Free Form Felted Bag Progress


The bag is coming along well.  I got the front of the bag done, and bordered in black…I even got the edges almost straight!  


That took row upon row of mixed stitches, working singles on the rises, half doubles and doubles on the dips.  I finally got the edges straight enough to work with, and have enough of a border to fold over, to make the border for the back panel.  As I said in my last post, I’ll be working from the edges of the borders, inward.

I folded the border roughly in half, from front to back, and put in a running basting stitch with scrap yarn.


Then I ran a round of single crochet, through the top of the fold, through both thicknesses of the border fabric.  This gave me a pronounced ridge, and forced the fold toward the back of the work. 

When I got to a corner, I released my basting stitch, and jammed the crochet hook into the corner, grabbing the top stitches.  


With the hook in place marking where I wanted to put my corner, I folded the next side over and basted it into place.  

I put three single crochet stitches into the corner, and started around the next side, grabbing the fold through both thicknesses and forming my single crochet ridge.


From the back of the piece, you can see that I have a distinct border built, a good foundation to work inward from. 

You can also see that fitting the corners are going to be a challenge!  I’ll work on them later.


Now, here’s where it started to get fun.  I have this beautiful folded, stitched border, running all around the piece to work inward from, just have to feel my way to fitting in the corners.  Great!  But…I can’t work inward from that top border.  If I do that, I won’t have a bag any more…I’ll have an empty pillow.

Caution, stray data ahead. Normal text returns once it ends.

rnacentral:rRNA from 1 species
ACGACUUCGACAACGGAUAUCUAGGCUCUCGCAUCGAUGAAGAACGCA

So!  That top border just became an interface.  I eased those two top corners into place and stitched them down, then attached yarn to the top left corner and started chaining for a second top border for the back of the bag.  I wanted a more solid base chain to work from so I did this with Foundation Single Crochet .  This gave me a more solid base chain, a finished edge to work from.  It’s actually starting with a row of single crochet.  


As you would have in any regular row of single crochet, you have two top loops.  I made the base chain to fit the width of bag, secured it at the other end, and then did a row of half double crochet through the back loops only, to guide the stitches down toward the bottom of the bag.  A second row of half doubles through both loops made my new border just the right height.  I sewed it in at both corners, nice and neat, then went to the other two corners to ease them to fit, and sewed everything into place as neatly as I could.  Three corners went in swimmingly, but one corner had to be rolled into place.  It worked well, though!  It looks like a little black rose!

Now, from the back, you can see that I have an open top, bordered.  I have borders along each side, and a nice border along the bottom.  I now have a great frame in which to build the back of my bag!


The outside edge, where I first folded the borders over and stitched them in single crochet stitches, has a great ridge of finished stitches, and will be a great foundation for a strap for this bag, and I’ll be able to easily attach an “envelope flap” at the top for closure.

It’s coming along!!!!  Miss Kris, if you’re reading this and you hate it, you’d better speak up now, Girlie!  (Truth be told, I have handed Miss Kris some seriously Fugly crochet in her life, and she’s always been happy to have it.  She’s a SWEETIE!)

I’m looking at my black borders now, and Muse is whispering, “French Knots….”

Stay tuned!!!







6 responses »

  1. Thank you! I know she’ll like this. She’s all about color and texture. More green in it than she would have asked for, but I know she’ll appreciate the way the greens work into the piece. That, and she “knows” the sheep that the wools came from, which makes the piece all that much more special!

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